It is difficult to deal with a narcissist when you are a grown, independent, fully functioning adult. The children of narcissists have an especially difficult burden, for they lack the knowledge, power, and resources to deal with their narcissistic parents without becoming their victims. Whether cast into the role of Scapegoat or Golden Child, the Narcissist's Child never truly receives that to which all children are entitled: a parent's unconditional love. Start by reading the 46 memories--it all began there.

Monday, June 23, 2014

The Elusive "Normal"-First of 3 Parts

People who grow up in dysfunctional homes often long for a normal family, a normal home, a normal life. But just what is meant by “normal”?

The Oxford English Dictionary defines normal as “Conforming to a standard; usual, typical, or expected.” Right there, we run into the first problem because what is “usual, typical or expected” most definitely varies from one person to the next. Even “conforming to a standard” is problematic because there is no objective standard for a functional family and even dysfunctional families can conform to a standard for dysfunctionality. The truth is, there is no such thing as a “normal” family, home or life.

So, are we pining over, yearning for something that exists only in our own imaginations? To a degree, yes. There really is no such thing as a “normal” family or even a “normal” parent. We create in our minds what we each define as “normal,” and your definition is, of necessity, different from mine. Our personal definitions of being normal, having normal family members or a normal family life are based on both our observations of others (people who we perceive as “normal”) and on our own needs and wants. Your version of normal may include an effusively loving stay-at-home-mom who bakes cookies and listens, rapt, while you described your school day whereas my definition of normal could include a working mom, but one who didn’t hit or scream and who allows me to close my bedroom door. A better term for what we want is “ideal” and that right there creates another set of problems: ideals are goals to shoot for, but not always realistically achievable.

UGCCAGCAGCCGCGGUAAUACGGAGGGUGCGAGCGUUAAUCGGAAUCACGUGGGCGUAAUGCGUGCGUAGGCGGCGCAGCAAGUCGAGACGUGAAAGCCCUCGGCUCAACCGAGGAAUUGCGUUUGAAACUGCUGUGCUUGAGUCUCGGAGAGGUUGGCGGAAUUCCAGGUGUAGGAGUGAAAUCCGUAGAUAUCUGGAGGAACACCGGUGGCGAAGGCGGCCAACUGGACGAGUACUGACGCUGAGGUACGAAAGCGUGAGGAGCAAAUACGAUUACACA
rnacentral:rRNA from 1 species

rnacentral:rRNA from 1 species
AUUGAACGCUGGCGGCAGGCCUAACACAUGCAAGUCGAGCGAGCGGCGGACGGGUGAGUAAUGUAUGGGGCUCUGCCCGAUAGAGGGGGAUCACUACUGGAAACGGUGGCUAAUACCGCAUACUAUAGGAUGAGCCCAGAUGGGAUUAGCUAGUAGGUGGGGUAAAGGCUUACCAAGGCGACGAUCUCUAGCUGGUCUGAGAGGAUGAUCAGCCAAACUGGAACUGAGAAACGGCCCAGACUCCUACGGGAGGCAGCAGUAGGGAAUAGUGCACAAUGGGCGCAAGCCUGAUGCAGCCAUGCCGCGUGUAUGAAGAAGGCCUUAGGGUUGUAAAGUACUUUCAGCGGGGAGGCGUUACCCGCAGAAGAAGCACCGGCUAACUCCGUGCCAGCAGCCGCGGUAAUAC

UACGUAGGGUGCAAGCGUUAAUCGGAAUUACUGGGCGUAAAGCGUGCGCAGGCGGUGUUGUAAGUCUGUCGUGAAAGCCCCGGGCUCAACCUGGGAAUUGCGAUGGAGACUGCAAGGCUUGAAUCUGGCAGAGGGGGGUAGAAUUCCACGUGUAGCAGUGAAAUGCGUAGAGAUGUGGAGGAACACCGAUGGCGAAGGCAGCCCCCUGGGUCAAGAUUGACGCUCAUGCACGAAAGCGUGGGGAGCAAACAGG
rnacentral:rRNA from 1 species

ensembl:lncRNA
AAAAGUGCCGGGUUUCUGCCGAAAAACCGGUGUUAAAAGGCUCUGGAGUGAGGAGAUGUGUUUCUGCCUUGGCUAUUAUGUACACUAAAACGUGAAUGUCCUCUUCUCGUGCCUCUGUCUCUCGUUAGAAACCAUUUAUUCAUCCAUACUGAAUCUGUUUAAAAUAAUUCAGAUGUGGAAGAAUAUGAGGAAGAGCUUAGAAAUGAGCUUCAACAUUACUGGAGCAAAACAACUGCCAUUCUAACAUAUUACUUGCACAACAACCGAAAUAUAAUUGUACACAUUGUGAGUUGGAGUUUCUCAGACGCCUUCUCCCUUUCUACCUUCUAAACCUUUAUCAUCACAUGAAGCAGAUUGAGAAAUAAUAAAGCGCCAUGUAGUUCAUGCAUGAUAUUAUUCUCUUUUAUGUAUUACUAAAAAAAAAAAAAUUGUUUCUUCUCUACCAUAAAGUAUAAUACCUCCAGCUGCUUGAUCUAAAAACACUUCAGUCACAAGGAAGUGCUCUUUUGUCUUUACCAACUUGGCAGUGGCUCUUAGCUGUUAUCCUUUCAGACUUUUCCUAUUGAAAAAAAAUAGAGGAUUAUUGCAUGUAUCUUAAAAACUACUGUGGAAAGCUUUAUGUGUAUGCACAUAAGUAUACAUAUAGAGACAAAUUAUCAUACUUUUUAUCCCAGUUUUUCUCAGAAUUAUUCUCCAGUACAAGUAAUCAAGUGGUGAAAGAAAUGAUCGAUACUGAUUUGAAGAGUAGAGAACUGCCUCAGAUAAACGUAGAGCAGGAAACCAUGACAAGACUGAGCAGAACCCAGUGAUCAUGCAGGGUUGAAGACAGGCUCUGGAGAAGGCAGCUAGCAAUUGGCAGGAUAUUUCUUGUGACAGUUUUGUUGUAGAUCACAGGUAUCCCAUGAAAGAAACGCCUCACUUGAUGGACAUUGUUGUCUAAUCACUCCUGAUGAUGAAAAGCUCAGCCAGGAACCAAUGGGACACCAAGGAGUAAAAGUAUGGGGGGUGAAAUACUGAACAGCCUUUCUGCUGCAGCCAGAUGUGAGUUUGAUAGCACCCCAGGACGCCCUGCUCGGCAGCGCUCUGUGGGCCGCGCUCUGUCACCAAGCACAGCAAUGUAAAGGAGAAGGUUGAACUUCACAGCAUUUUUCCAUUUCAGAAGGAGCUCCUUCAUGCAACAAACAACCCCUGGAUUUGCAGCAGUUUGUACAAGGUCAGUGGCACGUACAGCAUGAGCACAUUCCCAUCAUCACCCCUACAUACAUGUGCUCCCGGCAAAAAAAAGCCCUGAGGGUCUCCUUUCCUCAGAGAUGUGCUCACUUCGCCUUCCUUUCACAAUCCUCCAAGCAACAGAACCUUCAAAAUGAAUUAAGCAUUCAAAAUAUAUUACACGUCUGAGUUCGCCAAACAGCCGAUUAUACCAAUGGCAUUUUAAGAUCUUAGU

What might be a better examination is the difference between functional and dysfunctional family interactions, recognizing that even this is an ideal, but at least some of it is achievable. Rare is the family that achieves all of the benchmarks of a fully functional family, and even families that achieve some of them…well, sometimes those qualities can be faked. It’s not an easy thing to nail down.

Then there is the question: why do we even want to know what is normal? Why chase after it, want it, hunger for it? If you’ve never had a pony you can’t miss having one, so if you’ve never had a functional family, can you miss it? And knowing that we cannot change anyone but ourselves, are we not creating for ourselves a whole new world of pain by focussing on and wishing for something we not only have been denied, but something we can never have, a functional FOO?

I think the value in knowing what an ideal functional family looks like is that most of us go on to have families…children…of our own. It is doubly difficult to create something if you have no idea what it should look or feel like. People who grow up in reasonably functional families know…they may even subconsciously recognize each other, much as dysfunctional people can subconsciously recognize and be drawn to people with similar or complementing dysfunctions. If we have any hope of breaking the dysfunctional cycle that we grew up in, the first thing we have to do is know what functional looks like…not our personalized, idealized version of functional but an achievable, real-world kind of functionality…so that we can create something approximating it for our kids.